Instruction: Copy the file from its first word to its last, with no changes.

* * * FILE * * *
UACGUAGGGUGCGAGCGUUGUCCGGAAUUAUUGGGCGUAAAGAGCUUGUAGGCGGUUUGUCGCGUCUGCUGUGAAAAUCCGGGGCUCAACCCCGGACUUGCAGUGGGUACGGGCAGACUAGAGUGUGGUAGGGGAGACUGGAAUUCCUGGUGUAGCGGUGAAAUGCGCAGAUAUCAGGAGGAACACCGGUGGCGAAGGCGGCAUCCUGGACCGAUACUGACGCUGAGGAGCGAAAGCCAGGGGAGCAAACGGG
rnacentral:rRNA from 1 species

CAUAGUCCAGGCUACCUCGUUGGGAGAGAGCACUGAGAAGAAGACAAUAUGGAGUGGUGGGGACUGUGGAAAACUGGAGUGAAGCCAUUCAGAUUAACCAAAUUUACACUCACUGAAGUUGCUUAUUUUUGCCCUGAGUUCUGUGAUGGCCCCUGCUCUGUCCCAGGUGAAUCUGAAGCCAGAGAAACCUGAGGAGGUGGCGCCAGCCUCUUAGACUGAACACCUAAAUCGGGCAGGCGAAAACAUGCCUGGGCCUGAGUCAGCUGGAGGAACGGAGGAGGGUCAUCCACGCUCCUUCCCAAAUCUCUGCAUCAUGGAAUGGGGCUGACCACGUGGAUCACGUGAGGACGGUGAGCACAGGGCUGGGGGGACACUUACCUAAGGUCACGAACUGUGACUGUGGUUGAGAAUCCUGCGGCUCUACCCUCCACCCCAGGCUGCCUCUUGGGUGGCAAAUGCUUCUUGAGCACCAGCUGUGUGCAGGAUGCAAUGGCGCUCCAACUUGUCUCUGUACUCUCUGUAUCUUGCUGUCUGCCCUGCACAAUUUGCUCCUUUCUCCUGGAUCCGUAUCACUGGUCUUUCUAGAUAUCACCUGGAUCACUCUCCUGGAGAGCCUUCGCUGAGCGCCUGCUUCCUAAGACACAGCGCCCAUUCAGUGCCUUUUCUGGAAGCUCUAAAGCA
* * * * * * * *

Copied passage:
UACGUAGGGUGCGAGCGUUGUCCGGAAUUAUUGGGCGUAAAGAGCUUGUAGGCGGUUUGUCGCGUCUGCUGUGAAAAUCCGGGGCUCAACCCCGGACUUGCAGUGGGUACGGGCAGACUAGAGUGUGGUAGGGGAGACUGGAAUUCCUGGUGUAGCGGUGAAAUGCGCAGAUAUCAGGAGGAACACCGGUGGCGAAGGCGGCAUCCUGGACCGAUACUGACGCUGAGGAGCGAAAGCCAGGGGAGCAAACGGG
rnacentral:rRNA from 1 species

CAUAGUCCAGGCUACCUCGUUGGGAGAGAGCACUGAGAAGAAGACAAUAUGGAGUGGUGGGGACUGUGGAAAACUGGAGUGAAGCCAUUCAGAUUAACCAAAUUUACACUCACUGAAGUUGCUUAUUUUUGCCCUGAGUUCUGUGAUGGCCCCUGCUCUGUCCCAGGUGAAUCUGAAGCCAGAGAAACCUGAGGAGGUGGCGCCAGCCUCUUAGACUGAACACCUAAAUCGGGCAGGCGAAAACAUGCCUGGGCCUGAGUCAGCUGGAGGAACGGAGGAGGGUCAUCCACGCUCCUUCCCAAAUCUCUGCAUCAUGGAAUGGGGCUGACCACGUGGAUCACGUGAGGACGGUGAGCACAGGGCUGGGGGGACACUUACCUAAGGUCACGAACUGUGACUGUGGUUGAGAAUCCUGCGGCUCUACCCUCCACCCCAGGCUGCCUCUUGGGUGGCAAAUGCUUCUUGAGCACCAGCUGUGUGCAGGAUGCAAUGGCGCUCCAACUUGUCUCUGUACUCUCUGUAUCUUGCUGUCUGCCCUGCACAAUUUGCUCCUUUCUCCUGGAUCCGUAUCACUGGUCUUUCUAGAUAUCACCUGGAUCACUCUCCUGGAGAGCCUUCGCUGAGCGCCUGCUUCCUAAGACACAGCGCCCAUUCAGUGCCUUUUCUGGAAGCUCUAAAGCA